But in her book ‘Hard Choices’ that hit the stores today, Clinton discloses that her visit to India was with the sole purpose of convincing New Delhi to reduce its dependence on Iranian oil, which was successful by the end of her trip.
Clinton writes that she decided to visit India to personally convince the Indian leadership on this issue as it was the only major country which was not willing to follow the American line.
India, she writes, initially publicly refused Western entreaties to reduce its reliance on Iranian oil. “In our private conversations Indian leaders agreed that peace in the Middle East was important
and were acutely aware that six million Indians lived and worked in the Gulf and could be
vulnerable to political or economic instability,” the 66-year-old leader writes.
“At the same time, though, India’s fast-growing economy depended on a steady supply of energy, and they worried that their energy needs were so great that there was no viable way to meet them without Iranian oil,” she says.
“Left unsaid was another reason for their reluctance: India, which had championed the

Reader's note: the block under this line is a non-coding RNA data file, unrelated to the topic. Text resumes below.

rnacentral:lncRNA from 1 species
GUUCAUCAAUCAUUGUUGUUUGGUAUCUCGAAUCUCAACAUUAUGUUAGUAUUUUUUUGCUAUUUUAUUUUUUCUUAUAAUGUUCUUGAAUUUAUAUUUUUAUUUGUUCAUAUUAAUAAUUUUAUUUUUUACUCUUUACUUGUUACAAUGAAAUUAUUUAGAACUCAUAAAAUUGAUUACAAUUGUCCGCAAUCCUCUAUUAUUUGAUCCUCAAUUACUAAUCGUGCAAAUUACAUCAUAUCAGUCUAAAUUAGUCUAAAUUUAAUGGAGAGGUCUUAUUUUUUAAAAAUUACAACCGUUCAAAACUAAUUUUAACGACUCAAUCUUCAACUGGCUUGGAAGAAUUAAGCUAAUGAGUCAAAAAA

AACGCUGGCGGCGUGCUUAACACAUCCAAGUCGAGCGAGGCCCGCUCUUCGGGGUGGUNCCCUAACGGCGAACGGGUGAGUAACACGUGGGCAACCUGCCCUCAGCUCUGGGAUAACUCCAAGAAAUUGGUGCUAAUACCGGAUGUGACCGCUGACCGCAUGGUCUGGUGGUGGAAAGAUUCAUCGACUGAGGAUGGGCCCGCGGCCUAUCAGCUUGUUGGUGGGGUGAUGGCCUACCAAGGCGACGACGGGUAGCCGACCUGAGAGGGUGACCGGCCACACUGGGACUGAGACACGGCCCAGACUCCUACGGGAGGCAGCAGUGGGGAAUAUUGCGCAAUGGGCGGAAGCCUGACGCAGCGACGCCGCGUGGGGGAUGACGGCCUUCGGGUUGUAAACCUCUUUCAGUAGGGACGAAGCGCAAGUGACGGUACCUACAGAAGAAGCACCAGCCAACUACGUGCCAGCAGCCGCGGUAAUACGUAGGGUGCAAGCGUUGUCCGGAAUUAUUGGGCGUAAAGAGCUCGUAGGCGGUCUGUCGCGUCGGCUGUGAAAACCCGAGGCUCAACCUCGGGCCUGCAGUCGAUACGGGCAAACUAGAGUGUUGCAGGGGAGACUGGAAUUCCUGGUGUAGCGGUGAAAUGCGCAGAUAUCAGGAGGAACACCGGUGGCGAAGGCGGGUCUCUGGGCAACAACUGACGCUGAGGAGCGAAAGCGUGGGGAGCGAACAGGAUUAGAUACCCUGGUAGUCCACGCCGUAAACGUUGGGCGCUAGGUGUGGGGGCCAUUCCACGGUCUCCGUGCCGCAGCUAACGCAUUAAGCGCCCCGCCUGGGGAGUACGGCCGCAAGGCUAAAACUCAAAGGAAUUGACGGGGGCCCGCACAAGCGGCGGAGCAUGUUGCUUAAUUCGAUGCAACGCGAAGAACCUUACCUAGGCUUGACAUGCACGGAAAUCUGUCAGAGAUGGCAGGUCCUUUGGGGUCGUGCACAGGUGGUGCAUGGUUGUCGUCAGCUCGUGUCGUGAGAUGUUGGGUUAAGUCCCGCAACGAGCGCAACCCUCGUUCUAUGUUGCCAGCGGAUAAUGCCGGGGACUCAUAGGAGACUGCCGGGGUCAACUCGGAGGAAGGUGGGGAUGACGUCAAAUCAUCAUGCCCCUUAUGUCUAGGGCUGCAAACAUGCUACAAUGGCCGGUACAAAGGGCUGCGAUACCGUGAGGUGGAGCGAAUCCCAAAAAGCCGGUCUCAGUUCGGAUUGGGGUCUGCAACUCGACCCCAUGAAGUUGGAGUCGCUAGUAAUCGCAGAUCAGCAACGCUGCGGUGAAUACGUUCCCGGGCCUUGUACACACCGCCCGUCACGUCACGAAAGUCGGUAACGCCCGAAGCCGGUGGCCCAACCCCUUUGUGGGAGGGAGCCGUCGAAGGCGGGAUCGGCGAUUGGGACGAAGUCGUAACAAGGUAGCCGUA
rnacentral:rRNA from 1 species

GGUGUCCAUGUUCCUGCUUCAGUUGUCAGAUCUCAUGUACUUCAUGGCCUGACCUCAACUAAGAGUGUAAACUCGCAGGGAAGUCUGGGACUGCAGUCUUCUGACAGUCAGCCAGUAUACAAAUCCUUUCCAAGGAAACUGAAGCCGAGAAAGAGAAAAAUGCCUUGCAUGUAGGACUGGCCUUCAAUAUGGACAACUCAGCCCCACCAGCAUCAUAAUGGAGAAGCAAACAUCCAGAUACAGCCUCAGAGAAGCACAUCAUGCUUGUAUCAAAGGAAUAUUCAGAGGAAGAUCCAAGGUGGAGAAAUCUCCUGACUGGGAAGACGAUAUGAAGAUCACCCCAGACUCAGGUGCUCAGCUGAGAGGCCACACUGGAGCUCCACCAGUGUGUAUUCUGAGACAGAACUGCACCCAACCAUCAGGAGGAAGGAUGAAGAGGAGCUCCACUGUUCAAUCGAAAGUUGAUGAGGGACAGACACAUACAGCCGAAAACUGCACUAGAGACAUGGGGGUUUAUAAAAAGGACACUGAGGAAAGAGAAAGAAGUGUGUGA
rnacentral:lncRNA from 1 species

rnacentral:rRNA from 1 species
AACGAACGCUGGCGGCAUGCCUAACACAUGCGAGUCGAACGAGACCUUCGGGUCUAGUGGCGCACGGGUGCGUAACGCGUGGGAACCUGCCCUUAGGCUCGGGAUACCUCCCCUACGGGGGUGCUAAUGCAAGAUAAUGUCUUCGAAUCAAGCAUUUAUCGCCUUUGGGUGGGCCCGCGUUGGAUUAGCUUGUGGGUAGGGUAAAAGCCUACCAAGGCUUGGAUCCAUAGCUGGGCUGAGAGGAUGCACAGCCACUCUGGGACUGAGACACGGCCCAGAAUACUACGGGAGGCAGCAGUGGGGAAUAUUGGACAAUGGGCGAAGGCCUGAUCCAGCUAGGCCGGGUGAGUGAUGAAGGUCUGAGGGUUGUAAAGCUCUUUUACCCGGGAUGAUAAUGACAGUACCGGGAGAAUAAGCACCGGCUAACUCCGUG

‘nonaligned movement’ during the Cold War and still prized its ‘strategic autonomy’, simply hated to be told what to do. The more loudly we urged them to change course, the more likely they were to dig in their heels,” she notes.
“In May 2012, I visited New Delhi to make the case in person,” Clinton says in her book.
“I argued that maintaining a unified international front was the best way to persuade Iran to return to the negotiating table, achieve a diplomatic solution to the impasse, and avoid a destabilizing military conflict. I outlined the advantages of a diversified energy supply and talked about potential alternatives to Iran available on the market,” she says.
“I also assured the Indians that, if they took positive steps, we would make clear that it was their decision, however they chose to characterize it. All we cared about was the end result, not beating our chest. That seemed to make a difference,” Clinton writes stating that India finally agreed.
“In the end our efforts led to every major Iranian customer, even the most reluctant, agreeing to reduce their purchases of Iran’s oil,” Clinton says.
Iran was India’s second-biggest crude oil supplier after Saudi Arabia, meeting about 12 per cent of the country’s needs till 2012. But India reduced its dependence on Iranian oil in the wake of US and European sanctions on the import of oil from the Islamic Republic.